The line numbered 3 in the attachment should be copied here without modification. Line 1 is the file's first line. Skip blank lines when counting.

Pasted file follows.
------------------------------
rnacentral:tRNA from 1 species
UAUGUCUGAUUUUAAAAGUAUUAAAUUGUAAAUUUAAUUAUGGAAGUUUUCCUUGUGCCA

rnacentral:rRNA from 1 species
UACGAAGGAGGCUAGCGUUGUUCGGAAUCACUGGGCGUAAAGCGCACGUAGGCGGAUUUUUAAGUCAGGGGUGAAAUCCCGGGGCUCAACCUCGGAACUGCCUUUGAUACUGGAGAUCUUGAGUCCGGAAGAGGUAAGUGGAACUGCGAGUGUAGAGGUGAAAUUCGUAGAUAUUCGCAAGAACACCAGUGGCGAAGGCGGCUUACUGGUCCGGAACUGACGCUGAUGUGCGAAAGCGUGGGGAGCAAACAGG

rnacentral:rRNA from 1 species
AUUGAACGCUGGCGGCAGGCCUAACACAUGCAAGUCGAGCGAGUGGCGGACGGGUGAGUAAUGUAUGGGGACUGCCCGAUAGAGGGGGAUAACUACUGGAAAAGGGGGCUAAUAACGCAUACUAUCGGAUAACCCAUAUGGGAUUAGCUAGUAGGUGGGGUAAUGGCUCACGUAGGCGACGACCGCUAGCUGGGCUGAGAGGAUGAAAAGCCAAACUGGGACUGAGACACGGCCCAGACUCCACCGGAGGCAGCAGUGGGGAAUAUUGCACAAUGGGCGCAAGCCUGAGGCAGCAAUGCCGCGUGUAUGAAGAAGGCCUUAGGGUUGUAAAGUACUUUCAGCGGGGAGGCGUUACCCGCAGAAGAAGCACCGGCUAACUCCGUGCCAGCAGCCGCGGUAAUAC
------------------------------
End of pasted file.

rnacentral:rRNA from 1 species